by Michelle Tefertiller
Teaching a child to read is an intimidating endeavor. Even a tenured educator can become unsure of proper technique, questioning which program is the most effective or getting distracted by the newest methods or fads.
Another stumbling block is the fact that educators fail to agree that there is one method that works above all others. I would venture to say there is one key ingredient that insures success and always works. When it is taught and mastered anyone can learn to read with it. You may have already guessed the tool is phonics.
Phonics is the key. Every child can be taught phonics, that is, sounds associated with letters and letter teams. Practice with phonics leads to proficiency in decoding unknown words. Stringing together these decoded words to glean meaning leads to reading. While a few children have the linguistic base necessary to learn to read by memorizing whole words, this only works well on a very few children and only enables them to read some words.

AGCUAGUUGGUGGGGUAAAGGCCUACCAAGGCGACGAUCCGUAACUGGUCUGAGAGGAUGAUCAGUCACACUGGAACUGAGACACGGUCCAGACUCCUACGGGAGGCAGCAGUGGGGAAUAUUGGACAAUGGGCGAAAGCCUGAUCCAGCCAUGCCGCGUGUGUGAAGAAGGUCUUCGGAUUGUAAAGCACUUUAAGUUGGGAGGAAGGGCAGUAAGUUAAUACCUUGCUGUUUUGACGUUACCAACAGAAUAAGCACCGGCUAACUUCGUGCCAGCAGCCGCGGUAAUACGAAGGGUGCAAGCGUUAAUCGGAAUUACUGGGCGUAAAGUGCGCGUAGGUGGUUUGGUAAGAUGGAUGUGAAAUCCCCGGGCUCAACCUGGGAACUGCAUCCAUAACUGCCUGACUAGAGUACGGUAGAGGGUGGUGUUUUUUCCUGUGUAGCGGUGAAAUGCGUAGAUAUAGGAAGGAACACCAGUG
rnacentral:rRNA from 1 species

Eventually, when the words become multisyllabic or contextually confusing, this whole word reader finds he lacks the skills necessary to decode an unfamiliar word and unlock meaning, which is the essence of reading. However, if children are taught how to break a word into syllables or phonetic chunks and decode the sounds from the letter combinations, they can then use their context clues to gain meaning. Once they understand meaning they are reading, but it starts with phonics, particularly when teachers use a classical approach.
In the next post, I’ll explain the best way to teach phonics.
- What Smartphones Did To One Professor’s Classroom October 18, 2017
- CLSA Webinar: Training Classical Teachers in a Non-Classical World October 16, 2017
- Teaching the Arts at U. of Dallas this Saturday October 2, 2017
- The job skills of the future aren’t necessarily what you think September 27, 2017